Tuberculosis, caused by Mycobacterium tuberculosis, is one of the greatest infectious causes of disease and mortality worldwide. The problem has been exacerbated in recent years by the emergence of drug resistant strains and the concurrent HIV epidemic. There is no reliable vaccine against tuberculosis and there is increasing evidence that natural infection and disease cannot prevent subsequent reinfection. Thus host immunity is only partially effective in preventing and eliminating infection. To enhance our understanding of the basic interplay between pathogenic mycobacteria and host immunity, we will use a closely related pathogenic species Mycobacterium marinum. M. marinum causes a systemic tuberculosis-like disease in ectotherms, and a peripheral granulomatous disease in humans called fish tank granuloma. M. marinum is a powerful model for the study of tuberculosis owing to its genetic and pathogenic similarities to M. tuberculosis, its relatively rapid growth, and the existence of multiple natural hosts that serve as animal models. Adult zebrafish develop caseating granulomatous tuberculosis similar to active human tuberculosis. Mm also produces granulomatous disease in zebrafish larvae, which allow live monitoring of host-pathogen interactions due to their optical transparency. Using the embryo model in conjunction with a variety of fluorescence-based tools we developed in M. marinum, we have been able to monitor and modulate the essential stages of infection, dissemination and granuloma formation in real-time. Here, we will test a series of M. marinum mutants in the zebrafish to explore the molecular mechanisms by which mycobacteria resist and even usurp host immunity to persist. We will develop additional techniques to assess the subcellular localization of intracellular M. marinum during infection, and use a pH sensitive GFP reporter to determine correlate phagosomal acidification to intrabacterial acidification. Finally, we will continue our studies of the RD1 virulence locus. Specifically, we will pursue the identity of, and the molecular mechanism by which, RD1-secreted determinants induce the production of host matrix metalloproteinase-9 by epithelial cells, thus facilitating granuloma formation and bacterial expansion. The information obtained from our proposed experiments will further our fundamental knowledge about tuberculosis.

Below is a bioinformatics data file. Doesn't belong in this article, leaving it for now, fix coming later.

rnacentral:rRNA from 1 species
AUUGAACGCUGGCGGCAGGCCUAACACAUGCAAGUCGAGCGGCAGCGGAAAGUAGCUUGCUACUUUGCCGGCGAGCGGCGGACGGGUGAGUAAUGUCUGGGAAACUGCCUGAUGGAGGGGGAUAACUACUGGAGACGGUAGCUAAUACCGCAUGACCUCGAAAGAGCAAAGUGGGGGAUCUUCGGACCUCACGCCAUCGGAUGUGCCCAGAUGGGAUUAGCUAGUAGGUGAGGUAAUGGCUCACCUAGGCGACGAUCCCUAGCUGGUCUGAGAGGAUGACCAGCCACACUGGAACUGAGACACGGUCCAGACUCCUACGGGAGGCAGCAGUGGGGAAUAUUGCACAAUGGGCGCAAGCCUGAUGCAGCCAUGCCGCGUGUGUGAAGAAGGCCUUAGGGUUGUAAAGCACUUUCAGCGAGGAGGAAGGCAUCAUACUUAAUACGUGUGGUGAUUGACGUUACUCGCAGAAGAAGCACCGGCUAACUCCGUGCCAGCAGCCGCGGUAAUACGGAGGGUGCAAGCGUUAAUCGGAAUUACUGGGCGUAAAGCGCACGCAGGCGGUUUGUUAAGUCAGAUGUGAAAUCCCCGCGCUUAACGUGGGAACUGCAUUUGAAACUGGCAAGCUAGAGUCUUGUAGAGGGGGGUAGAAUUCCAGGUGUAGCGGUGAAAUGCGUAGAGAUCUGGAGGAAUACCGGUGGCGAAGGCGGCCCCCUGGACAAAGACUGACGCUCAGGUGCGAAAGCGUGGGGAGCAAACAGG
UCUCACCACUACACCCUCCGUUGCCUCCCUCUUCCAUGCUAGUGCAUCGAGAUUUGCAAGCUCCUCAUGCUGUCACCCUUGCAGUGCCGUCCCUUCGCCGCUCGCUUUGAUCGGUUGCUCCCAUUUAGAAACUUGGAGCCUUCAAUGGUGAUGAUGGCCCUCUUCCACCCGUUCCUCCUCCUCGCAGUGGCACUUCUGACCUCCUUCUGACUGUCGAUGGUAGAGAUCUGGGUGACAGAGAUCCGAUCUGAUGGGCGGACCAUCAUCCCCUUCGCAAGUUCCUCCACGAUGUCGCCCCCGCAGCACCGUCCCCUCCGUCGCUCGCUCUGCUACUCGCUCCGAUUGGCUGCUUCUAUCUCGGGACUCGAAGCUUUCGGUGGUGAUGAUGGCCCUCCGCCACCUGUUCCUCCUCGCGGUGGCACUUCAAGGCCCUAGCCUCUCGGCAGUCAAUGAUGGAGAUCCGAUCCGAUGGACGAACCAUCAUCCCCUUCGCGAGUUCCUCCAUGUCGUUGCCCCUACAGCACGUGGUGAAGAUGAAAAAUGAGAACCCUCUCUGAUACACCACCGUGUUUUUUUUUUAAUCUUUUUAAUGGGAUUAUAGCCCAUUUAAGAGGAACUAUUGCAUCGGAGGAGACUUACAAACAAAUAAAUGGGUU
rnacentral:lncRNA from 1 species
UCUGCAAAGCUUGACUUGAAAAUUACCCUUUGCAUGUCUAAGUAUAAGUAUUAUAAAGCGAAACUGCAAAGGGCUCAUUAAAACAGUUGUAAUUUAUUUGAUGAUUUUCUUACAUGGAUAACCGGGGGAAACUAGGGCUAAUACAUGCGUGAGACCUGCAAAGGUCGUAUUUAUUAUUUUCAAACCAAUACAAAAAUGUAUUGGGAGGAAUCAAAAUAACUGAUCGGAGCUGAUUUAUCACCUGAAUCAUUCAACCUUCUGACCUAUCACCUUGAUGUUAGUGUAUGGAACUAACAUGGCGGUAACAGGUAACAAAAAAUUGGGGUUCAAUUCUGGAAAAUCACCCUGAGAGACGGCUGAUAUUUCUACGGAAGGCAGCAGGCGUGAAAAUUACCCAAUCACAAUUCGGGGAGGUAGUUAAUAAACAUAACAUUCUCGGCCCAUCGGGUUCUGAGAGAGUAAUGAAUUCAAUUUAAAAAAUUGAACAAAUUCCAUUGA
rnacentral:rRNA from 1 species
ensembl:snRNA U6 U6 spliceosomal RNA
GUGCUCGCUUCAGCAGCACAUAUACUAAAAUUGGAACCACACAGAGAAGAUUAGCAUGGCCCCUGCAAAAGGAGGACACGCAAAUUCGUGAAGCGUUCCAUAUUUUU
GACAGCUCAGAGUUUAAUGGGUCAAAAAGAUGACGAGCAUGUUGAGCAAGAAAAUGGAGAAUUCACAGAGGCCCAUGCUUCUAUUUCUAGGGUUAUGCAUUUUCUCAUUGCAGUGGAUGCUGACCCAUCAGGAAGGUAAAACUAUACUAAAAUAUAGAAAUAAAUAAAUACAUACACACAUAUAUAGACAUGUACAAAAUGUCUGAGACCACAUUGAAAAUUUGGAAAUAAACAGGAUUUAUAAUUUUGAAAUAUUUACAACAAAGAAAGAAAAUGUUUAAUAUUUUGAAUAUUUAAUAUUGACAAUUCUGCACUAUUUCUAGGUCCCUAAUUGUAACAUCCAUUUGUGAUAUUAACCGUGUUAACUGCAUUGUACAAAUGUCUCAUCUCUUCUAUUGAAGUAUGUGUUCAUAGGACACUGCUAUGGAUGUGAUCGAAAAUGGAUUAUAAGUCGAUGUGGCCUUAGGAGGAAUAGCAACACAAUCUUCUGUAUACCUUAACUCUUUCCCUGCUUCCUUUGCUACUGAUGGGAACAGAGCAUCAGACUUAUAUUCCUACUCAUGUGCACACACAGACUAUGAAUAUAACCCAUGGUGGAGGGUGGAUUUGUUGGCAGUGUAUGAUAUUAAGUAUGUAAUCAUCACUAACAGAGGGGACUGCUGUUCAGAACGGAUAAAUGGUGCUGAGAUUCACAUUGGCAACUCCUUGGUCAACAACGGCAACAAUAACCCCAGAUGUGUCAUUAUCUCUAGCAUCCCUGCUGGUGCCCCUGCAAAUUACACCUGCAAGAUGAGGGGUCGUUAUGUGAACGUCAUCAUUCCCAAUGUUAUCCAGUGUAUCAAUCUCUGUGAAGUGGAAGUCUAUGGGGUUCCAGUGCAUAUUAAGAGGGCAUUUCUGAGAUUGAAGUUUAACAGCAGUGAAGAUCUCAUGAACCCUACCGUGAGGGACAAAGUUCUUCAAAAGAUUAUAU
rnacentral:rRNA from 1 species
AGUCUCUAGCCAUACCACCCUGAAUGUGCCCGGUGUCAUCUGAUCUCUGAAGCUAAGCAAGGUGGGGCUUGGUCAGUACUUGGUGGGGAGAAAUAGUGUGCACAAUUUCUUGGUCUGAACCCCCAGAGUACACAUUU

Tuberculosis is caused by pathogenic mycobacteria, and is often characterized by a long-term infection that the immune system is unable to eradicate. This application uses a simple and genetically tractable zebrafish larval model to explore the earliest interactions that occur between the immune system of Vertebrate Animals: and mycobacteria at the onset of infection. By understanding these early interactions we hope to identify key steps for therapeutic intervention.
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